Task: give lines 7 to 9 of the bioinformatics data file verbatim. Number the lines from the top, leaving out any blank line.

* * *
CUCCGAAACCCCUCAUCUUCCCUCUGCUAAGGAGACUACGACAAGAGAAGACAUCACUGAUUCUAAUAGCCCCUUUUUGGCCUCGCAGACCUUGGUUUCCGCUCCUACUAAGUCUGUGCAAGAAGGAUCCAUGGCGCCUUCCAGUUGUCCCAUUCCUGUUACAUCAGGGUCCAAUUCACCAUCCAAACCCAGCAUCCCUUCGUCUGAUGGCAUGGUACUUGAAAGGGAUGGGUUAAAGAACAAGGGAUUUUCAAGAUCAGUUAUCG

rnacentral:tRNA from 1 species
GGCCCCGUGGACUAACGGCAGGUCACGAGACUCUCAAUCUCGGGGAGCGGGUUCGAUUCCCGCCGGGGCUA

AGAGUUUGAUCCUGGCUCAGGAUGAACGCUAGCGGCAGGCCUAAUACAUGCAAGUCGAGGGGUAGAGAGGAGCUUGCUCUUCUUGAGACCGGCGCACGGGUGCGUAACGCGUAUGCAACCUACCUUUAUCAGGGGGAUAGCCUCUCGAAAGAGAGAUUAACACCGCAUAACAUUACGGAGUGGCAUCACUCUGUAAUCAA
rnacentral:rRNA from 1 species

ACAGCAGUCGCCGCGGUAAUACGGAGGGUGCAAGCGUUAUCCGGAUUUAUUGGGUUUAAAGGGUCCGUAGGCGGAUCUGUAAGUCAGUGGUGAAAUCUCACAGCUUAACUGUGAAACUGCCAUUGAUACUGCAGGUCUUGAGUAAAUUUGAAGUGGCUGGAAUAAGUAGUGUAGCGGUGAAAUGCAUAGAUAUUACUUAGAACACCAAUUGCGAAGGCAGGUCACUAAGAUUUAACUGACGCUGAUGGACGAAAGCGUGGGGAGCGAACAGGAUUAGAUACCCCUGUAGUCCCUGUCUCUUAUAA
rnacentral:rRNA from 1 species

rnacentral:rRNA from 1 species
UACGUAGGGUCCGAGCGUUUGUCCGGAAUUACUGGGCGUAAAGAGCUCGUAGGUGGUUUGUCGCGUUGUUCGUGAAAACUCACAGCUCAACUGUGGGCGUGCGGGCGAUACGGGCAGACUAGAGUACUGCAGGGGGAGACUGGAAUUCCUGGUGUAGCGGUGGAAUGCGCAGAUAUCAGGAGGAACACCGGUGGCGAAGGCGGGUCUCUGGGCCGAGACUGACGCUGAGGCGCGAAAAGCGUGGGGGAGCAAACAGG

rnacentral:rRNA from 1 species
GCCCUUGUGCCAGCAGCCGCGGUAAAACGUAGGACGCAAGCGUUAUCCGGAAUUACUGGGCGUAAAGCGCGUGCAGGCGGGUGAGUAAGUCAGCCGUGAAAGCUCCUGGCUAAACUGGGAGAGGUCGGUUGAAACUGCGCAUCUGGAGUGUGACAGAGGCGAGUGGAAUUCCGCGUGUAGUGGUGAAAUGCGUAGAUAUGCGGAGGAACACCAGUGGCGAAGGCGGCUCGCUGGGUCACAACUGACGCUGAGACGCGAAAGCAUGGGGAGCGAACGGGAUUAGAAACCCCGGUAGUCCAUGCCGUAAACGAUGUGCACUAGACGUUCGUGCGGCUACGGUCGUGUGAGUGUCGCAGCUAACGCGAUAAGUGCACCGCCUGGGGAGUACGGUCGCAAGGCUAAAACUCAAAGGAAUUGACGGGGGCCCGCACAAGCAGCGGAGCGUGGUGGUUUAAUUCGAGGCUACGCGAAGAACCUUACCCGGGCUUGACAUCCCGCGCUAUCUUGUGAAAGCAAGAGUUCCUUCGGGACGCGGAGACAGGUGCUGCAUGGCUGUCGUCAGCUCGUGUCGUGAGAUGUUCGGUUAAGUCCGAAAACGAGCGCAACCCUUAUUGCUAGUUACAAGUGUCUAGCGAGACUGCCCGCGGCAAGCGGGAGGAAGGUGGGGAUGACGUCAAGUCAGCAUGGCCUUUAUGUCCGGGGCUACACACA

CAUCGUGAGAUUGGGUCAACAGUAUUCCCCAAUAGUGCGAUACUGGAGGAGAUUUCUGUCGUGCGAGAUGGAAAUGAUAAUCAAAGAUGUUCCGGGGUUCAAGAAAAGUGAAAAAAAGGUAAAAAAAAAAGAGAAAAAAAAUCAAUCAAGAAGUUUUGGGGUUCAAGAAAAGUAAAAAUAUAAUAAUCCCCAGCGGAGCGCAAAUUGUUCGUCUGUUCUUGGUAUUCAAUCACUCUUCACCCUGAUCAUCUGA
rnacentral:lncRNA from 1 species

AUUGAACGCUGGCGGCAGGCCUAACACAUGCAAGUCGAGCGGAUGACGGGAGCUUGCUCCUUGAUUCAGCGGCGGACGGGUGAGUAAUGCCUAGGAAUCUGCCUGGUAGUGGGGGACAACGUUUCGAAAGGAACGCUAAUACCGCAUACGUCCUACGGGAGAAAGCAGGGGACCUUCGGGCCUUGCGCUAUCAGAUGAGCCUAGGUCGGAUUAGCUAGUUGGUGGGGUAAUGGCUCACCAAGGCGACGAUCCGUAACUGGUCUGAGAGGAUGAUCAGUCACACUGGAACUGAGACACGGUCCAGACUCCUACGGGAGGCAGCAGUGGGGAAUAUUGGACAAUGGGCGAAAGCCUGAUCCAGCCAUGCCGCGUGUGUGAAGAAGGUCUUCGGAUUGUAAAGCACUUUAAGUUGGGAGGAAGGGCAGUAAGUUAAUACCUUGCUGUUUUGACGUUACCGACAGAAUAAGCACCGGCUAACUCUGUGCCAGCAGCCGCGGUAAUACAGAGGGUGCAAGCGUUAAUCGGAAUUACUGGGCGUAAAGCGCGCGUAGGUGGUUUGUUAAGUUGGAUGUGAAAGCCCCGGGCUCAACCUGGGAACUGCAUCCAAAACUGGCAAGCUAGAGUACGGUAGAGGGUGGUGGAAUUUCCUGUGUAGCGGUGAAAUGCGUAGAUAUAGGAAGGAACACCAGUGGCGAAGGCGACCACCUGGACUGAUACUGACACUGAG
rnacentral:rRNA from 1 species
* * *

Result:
rnacentral:rRNA from 1 species

rnacentral:rRNA from 1 species
UACGUAGGGUCCGAGCGUUUGUCCGGAAUUACUGGGCGUAAAGAGCUCGUAGGUGGUUUGUCGCGUUGUUCGUGAAAACUCACAGCUCAACUGUGGGCGUGCGGGCGAUACGGGCAGACUAGAGUACUGCAGGGGGAGACUGGAAUUCCUGGUGUAGCGGUGGAAUGCGCAGAUAUCAGGAGGAACACCGGUGGCGAAGGCGGGUCUCUGGGCCGAGACUGACGCUGAGGCGCGAAAAGCGUGGGGGAGCAAACAGG